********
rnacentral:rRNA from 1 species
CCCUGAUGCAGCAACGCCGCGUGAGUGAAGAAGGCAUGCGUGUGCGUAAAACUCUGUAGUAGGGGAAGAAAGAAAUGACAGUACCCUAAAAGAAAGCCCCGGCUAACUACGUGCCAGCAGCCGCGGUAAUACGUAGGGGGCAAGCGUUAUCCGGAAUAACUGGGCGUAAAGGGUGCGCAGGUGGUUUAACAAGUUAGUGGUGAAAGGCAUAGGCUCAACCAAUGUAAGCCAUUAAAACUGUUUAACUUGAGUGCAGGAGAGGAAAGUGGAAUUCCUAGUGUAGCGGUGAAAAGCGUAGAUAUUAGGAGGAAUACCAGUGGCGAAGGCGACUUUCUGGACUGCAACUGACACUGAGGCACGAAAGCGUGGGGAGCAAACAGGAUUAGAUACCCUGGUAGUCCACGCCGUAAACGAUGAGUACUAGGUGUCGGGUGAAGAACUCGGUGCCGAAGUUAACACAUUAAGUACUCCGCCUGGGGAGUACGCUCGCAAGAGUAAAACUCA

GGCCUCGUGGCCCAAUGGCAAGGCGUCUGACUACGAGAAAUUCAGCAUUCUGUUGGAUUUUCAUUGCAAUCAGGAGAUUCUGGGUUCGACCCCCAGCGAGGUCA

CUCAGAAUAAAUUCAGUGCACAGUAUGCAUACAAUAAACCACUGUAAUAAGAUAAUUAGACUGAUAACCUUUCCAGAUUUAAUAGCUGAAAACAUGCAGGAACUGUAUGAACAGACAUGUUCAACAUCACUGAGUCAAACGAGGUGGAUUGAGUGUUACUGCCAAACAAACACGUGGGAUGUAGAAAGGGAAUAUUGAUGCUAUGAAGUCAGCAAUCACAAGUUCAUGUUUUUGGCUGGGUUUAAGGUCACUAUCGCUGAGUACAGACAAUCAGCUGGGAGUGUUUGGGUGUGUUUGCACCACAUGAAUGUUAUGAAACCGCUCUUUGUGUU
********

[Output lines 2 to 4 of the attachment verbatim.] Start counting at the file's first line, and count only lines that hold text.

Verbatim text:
CCCUGAUGCAGCAACGCCGCGUGAGUGAAGAAGGCAUGCGUGUGCGUAAAACUCUGUAGUAGGGGAAGAAAGAAAUGACAGUACCCUAAAAGAAAGCCCCGGCUAACUACGUGCCAGCAGCCGCGGUAAUACGUAGGGGGCAAGCGUUAUCCGGAAUAACUGGGCGUAAAGGGUGCGCAGGUGGUUUAACAAGUUAGUGGUGAAAGGCAUAGGCUCAACCAAUGUAAGCCAUUAAAACUGUUUAACUUGAGUGCAGGAGAGGAAAGUGGAAUUCCUAGUGUAGCGGUGAAAAGCGUAGAUAUUAGGAGGAAUACCAGUGGCGAAGGCGACUUUCUGGACUGCAACUGACACUGAGGCACGAAAGCGUGGGGAGCAAACAGGAUUAGAUACCCUGGUAGUCCACGCCGUAAACGAUGAGUACUAGGUGUCGGGUGAAGAACUCGGUGCCGAAGUUAACACAUUAAGUACUCCGCCUGGGGAGUACGCUCGCAAGAGUAAAACUCA

GGCCUCGUGGCCCAAUGGCAAGGCGUCUGACUACGAGAAAUUCAGCAUUCUGUUGGAUUUUCAUUGCAAUCAGGAGAUUCUGGGUUCGACCCCCAGCGAGGUCA

CUCAGAAUAAAUUCAGUGCACAGUAUGCAUACAAUAAACCACUGUAAUAAGAUAAUUAGACUGAUAACCUUUCCAGAUUUAAUAGCUGAAAACAUGCAGGAACUGUAUGAACAGACAUGUUCAACAUCACUGAGUCAAACGAGGUGGAUUGAGUGUUACUGCCAAACAAACACGUGGGAUGUAGAAAGGGAAUAUUGAUGCUAUGAAGUCAGCAAUCACAAGUUCAUGUUUUUGGCUGGGUUUAAGGUCACUAUCGCUGAGUACAGACAAUCAGCUGGGAGUGUUUGGGUGUGUUUGCACCACAUGAAUGUUAUGAAACCGCUCUUUGUGUU